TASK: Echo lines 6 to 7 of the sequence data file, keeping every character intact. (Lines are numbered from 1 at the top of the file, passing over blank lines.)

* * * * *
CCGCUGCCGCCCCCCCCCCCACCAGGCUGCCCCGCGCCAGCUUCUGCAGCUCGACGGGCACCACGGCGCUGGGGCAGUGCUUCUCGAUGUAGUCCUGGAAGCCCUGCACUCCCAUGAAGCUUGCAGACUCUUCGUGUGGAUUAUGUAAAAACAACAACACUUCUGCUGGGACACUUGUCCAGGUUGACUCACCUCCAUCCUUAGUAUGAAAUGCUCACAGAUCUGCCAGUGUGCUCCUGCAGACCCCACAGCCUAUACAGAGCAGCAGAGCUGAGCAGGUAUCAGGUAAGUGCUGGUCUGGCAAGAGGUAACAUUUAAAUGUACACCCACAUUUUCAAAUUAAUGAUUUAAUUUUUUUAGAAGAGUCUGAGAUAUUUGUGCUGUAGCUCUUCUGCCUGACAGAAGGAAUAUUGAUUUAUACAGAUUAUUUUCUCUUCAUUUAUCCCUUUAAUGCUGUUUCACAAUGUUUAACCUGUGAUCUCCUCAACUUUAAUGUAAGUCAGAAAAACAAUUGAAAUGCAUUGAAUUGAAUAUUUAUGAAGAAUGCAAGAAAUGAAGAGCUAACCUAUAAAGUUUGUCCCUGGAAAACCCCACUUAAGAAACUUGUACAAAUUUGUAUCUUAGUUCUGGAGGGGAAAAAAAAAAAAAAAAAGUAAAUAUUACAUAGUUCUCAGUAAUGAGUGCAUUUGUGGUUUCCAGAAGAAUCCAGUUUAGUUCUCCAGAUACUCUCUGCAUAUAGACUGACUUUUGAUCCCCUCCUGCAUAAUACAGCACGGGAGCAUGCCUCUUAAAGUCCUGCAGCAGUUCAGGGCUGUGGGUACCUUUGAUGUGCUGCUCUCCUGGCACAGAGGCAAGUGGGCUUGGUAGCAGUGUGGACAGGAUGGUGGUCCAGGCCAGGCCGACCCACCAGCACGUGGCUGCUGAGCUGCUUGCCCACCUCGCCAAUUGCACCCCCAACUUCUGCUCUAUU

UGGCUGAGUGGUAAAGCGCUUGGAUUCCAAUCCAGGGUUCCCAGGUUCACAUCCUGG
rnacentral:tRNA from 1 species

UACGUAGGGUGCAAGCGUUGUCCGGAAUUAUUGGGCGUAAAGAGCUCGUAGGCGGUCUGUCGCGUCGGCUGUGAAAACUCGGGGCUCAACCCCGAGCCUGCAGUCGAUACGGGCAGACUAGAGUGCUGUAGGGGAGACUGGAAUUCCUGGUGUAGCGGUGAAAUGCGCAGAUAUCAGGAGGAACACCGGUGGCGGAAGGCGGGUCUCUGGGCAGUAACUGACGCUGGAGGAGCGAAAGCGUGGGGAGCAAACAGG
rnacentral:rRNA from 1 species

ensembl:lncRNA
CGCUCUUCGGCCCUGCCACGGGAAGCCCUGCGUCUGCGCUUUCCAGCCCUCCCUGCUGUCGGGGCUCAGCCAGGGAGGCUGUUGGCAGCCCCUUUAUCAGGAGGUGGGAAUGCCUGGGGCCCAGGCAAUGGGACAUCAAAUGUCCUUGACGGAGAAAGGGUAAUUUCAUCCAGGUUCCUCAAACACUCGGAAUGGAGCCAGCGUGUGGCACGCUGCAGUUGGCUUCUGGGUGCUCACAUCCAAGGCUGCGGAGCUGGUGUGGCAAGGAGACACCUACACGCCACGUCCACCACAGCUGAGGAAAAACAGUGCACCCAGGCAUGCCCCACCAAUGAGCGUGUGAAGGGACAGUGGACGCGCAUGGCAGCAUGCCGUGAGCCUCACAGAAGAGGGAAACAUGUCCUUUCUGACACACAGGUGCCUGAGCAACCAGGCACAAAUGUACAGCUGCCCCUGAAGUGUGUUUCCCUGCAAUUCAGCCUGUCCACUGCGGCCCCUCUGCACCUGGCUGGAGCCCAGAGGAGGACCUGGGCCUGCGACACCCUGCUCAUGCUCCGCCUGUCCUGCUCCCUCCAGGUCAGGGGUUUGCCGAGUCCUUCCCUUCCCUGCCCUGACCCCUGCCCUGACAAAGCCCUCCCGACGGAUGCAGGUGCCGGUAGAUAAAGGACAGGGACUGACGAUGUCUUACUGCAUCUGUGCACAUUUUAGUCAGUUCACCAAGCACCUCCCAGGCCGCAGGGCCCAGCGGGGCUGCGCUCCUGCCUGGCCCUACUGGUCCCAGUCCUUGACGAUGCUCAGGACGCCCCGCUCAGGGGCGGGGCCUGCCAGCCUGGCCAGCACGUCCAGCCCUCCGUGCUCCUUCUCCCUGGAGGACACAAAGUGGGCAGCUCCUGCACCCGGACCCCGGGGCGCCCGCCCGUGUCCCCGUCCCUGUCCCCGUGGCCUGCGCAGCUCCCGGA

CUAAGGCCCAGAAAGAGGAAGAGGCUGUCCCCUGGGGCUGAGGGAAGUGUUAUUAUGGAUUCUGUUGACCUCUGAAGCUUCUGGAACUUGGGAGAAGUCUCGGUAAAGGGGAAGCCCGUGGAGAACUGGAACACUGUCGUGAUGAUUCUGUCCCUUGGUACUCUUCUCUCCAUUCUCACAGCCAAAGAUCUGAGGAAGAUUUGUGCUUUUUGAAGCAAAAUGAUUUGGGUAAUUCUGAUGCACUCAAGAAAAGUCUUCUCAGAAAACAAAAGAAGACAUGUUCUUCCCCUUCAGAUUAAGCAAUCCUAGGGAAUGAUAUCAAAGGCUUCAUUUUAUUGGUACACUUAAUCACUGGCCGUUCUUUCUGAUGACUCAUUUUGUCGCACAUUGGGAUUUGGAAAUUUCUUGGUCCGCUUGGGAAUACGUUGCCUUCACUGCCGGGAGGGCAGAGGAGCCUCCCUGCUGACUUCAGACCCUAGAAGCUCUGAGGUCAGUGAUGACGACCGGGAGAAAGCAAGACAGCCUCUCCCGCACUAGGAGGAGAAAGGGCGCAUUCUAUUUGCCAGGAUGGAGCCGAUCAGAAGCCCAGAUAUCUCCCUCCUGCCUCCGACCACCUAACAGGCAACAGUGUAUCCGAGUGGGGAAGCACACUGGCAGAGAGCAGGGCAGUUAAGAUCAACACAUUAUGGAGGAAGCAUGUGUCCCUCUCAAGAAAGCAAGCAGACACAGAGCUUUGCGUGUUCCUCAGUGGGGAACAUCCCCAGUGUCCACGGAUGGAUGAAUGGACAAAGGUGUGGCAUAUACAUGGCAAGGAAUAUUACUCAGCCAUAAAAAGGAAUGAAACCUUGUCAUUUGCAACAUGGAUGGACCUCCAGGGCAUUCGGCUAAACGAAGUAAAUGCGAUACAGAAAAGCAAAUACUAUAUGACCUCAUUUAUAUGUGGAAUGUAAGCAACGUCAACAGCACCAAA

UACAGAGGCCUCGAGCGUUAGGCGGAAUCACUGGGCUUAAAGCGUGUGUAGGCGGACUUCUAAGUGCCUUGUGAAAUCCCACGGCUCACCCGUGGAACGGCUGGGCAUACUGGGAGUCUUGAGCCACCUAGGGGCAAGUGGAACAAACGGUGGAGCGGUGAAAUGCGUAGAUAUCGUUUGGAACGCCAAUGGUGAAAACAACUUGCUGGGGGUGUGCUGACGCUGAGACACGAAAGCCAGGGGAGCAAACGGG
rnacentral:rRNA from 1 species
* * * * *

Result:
ensembl:lncRNA
CGCUCUUCGGCCCUGCCACGGGAAGCCCUGCGUCUGCGCUUUCCAGCCCUCCCUGCUGUCGGGGCUCAGCCAGGGAGGCUGUUGGCAGCCCCUUUAUCAGGAGGUGGGAAUGCCUGGGGCCCAGGCAAUGGGACAUCAAAUGUCCUUGACGGAGAAAGGGUAAUUUCAUCCAGGUUCCUCAAACACUCGGAAUGGAGCCAGCGUGUGGCACGCUGCAGUUGGCUUCUGGGUGCUCACAUCCAAGGCUGCGGAGCUGGUGUGGCAAGGAGACACCUACACGCCACGUCCACCACAGCUGAGGAAAAACAGUGCACCCAGGCAUGCCCCACCAAUGAGCGUGUGAAGGGACAGUGGACGCGCAUGGCAGCAUGCCGUGAGCCUCACAGAAGAGGGAAACAUGUCCUUUCUGACACACAGGUGCCUGAGCAACCAGGCACAAAUGUACAGCUGCCCCUGAAGUGUGUUUCCCUGCAAUUCAGCCUGUCCACUGCGGCCCCUCUGCACCUGGCUGGAGCCCAGAGGAGGACCUGGGCCUGCGACACCCUGCUCAUGCUCCGCCUGUCCUGCUCCCUCCAGGUCAGGGGUUUGCCGAGUCCUUCCCUUCCCUGCCCUGACCCCUGCCCUGACAAAGCCCUCCCGACGGAUGCAGGUGCCGGUAGAUAAAGGACAGGGACUGACGAUGUCUUACUGCAUCUGUGCACAUUUUAGUCAGUUCACCAAGCACCUCCCAGGCCGCAGGGCCCAGCGGGGCUGCGCUCCUGCCUGGCCCUACUGGUCCCAGUCCUUGACGAUGCUCAGGACGCCCCGCUCAGGGGCGGGGCCUGCCAGCCUGGCCAGCACGUCCAGCCCUCCGUGCUCCUUCUCCCUGGAGGACACAAAGUGGGCAGCUCCUGCACCCGGACCCCGGGGCGCCCGCCCGUGUCCCCGUCCCUGUCCCCGUGGCCUGCGCAGCUCCCGGA